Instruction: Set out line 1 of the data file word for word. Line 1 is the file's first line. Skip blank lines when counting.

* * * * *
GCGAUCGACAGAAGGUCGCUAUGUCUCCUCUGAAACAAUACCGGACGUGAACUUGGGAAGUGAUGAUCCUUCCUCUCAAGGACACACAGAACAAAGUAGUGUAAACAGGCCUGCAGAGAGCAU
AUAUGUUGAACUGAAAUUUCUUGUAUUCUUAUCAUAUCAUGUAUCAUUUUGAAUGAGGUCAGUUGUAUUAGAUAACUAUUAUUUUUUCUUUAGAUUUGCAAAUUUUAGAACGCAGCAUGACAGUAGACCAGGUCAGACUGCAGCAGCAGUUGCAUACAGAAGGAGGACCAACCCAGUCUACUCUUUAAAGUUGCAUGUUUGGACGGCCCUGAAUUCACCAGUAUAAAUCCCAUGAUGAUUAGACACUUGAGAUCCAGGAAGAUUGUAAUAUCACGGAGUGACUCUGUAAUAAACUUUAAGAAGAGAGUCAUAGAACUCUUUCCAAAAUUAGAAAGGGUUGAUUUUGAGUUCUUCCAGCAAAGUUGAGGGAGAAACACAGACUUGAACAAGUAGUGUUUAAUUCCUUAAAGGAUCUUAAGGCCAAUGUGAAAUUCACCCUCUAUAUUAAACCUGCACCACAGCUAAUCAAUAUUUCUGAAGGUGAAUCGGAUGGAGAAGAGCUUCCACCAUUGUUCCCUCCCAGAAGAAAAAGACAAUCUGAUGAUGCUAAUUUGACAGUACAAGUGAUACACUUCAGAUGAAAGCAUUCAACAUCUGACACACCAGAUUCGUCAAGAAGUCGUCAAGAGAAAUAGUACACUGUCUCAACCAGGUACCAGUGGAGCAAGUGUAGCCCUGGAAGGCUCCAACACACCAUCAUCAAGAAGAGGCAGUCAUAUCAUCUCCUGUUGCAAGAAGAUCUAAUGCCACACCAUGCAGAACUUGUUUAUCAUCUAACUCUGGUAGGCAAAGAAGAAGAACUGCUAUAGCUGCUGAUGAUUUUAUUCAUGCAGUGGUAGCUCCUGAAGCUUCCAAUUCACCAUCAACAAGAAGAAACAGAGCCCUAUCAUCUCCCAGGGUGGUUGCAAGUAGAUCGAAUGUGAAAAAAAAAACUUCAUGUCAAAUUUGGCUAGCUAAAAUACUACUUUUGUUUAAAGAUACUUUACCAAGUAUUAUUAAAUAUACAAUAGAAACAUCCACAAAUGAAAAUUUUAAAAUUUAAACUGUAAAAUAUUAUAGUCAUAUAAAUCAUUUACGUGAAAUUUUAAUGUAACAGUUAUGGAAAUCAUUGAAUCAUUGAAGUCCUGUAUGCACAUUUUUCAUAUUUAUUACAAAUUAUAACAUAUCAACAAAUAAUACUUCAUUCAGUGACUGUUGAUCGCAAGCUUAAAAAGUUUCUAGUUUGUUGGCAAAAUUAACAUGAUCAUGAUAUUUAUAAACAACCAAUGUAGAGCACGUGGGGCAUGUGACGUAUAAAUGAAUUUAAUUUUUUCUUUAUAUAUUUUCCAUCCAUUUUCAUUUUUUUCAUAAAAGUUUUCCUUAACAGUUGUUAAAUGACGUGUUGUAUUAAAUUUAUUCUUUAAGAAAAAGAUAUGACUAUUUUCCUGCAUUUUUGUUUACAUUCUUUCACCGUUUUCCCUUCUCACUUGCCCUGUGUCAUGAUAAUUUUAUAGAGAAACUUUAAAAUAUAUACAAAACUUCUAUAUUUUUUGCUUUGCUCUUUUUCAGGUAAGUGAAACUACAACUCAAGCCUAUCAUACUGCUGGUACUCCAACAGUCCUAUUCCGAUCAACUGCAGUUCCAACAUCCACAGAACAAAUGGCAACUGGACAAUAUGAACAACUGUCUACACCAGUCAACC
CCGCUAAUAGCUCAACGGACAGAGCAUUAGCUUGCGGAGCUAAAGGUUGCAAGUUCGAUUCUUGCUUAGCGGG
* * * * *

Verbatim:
GCGAUCGACAGAAGGUCGCUAUGUCUCCUCUGAAACAAUACCGGACGUGAACUUGGGAAGUGAUGAUCCUUCCUCUCAAGGACACACAGAACAAAGUAGUGUAAACAGGCCUGCAGAGAGCAU